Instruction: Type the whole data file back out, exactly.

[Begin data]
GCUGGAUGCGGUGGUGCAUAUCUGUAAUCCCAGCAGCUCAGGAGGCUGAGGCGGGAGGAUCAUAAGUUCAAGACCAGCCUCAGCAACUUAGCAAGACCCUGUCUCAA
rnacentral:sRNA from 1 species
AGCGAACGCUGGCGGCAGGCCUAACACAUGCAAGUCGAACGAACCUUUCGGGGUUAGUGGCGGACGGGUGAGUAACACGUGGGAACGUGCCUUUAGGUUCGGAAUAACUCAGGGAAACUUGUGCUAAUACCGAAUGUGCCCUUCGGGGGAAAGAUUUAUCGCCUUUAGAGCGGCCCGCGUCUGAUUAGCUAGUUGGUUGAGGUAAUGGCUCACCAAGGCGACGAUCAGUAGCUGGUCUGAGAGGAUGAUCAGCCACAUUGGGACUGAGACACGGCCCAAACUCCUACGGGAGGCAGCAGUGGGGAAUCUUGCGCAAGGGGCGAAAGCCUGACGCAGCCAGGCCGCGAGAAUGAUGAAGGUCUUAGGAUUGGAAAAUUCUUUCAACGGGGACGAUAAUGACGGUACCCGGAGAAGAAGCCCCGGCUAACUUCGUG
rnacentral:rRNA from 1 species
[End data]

GCUGGAUGCGGUGGUGCAUAUCUGUAAUCCCAGCAGCUCAGGAGGCUGAGGCGGGAGGAUCAUAAGUUCAAGACCAGCCUCAGCAACUUAGCAAGACCCUGUCUCAA
rnacentral:sRNA from 1 species
AGCGAACGCUGGCGGCAGGCCUAACACAUGCAAGUCGAACGAACCUUUCGGGGUUAGUGGCGGACGGGUGAGUAACACGUGGGAACGUGCCUUUAGGUUCGGAAUAACUCAGGGAAACUUGUGCUAAUACCGAAUGUGCCCUUCGGGGGAAAGAUUUAUCGCCUUUAGAGCGGCCCGCGUCUGAUUAGCUAGUUGGUUGAGGUAAUGGCUCACCAAGGCGACGAUCAGUAGCUGGUCUGAGAGGAUGAUCAGCCACAUUGGGACUGAGACACGGCCCAAACUCCUACGGGAGGCAGCAGUGGGGAAUCUUGCGCAAGGGGCGAAAGCCUGACGCAGCCAGGCCGCGAGAAUGAUGAAGGUCUUAGGAUUGGAAAAUUCUUUCAACGGGGACGAUAAUGACGGUACCCGGAGAAGAAGCCCCGGCUAACUUCGUG
rnacentral:rRNA from 1 species